Top photo source: flickr user Michael McCarthy
In the heart of Louisiana’s Bayou Country lies Houma, a city heralded as a nature lover’s paradise. Here you’ll find over 2,500 square miles of swamps and wetlands, breathtaking scenery, world-class fishing, birding sanctuaries, nature preserves, and so much more. But Houma (located in the Atchafalaya Basin, just 55 miles from New Orleans), is also a city that’s proud of her cultural heritage and is home to some wonderfully diverse museums. Here are a few I found especially interesting:
- Houma’s Regional Military Museum commemorates the sacrifices made by Americans who defended our nation, both abroad and at home. It may be a regional exhibit, but the collection is extensive. It’s a hands-on museum; the items are meant to be experienced. That means you can climb into a WWII jeep, a Huey helicopter, sit on a German motorcycle and in its sidecar, and handle all types of military items. The tour guides are veterans, so they really know their stuff! For a very modest fee, you’ll learn a lot, see and experience some really incredible artifacts, and meet some truly awesome war heroes.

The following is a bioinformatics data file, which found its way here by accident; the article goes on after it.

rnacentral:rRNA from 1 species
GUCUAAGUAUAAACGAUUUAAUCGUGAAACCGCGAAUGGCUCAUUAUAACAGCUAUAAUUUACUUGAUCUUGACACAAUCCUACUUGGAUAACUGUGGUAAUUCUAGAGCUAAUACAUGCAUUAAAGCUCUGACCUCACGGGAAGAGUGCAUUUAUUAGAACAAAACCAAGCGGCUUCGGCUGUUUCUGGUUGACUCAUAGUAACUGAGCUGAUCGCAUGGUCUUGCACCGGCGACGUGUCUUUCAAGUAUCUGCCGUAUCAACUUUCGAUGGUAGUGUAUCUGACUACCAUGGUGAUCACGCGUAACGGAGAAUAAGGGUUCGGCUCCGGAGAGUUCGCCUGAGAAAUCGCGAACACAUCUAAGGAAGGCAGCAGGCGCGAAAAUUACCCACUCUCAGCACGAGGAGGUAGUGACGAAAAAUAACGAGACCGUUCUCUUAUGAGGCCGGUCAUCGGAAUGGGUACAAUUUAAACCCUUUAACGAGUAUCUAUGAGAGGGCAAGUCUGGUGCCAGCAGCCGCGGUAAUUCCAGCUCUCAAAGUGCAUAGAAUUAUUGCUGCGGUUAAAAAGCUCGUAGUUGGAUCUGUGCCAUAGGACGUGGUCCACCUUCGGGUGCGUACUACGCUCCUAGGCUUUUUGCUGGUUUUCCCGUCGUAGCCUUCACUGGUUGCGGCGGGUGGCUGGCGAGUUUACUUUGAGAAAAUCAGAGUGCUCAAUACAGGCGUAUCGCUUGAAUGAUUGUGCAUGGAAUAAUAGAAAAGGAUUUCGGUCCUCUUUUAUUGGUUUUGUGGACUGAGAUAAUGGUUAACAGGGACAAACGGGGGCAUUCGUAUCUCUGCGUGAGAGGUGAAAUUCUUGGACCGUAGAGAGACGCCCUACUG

- Located right across the bayou from Main Street is the Bayou Terrebonne Waterlife Museum. Here, through displays, photographs, and interactive exhibits, you’ll learn how much the community is tied to the many waterways in this unique area of the country, from fishing, shrimping, and harvesting oysters in the coastal waterways to the impact the oil industry has on the local economy. If you come on a Tuesday, make sure you stay for the live Cajun music! (5:30 – 7:00pm.)
- If you want to get a feeling of what life was like in these parts back in the 19th century, then the Southdown Plantation Museum is for you. Built in 1859, Southdown Plantation heralds back to a time when the sugarcane industry ruled the region. Having recently undergone a major renovation, the home has been restored to its opulent glory. Here you’ll find original 19th century furnishings, fascinating artifacts, photographs, exhibits, a fully restored 1885 worker’s cabin, and so much more. I found the gift shop especially interesting because, besides being a great place to pick up some unique items, it is housed in the plantation’s original slave quarters.
Yes, Houma is a nature lover’s paradise, but it is also a city with a rich history, friendly people, and a thriving culture.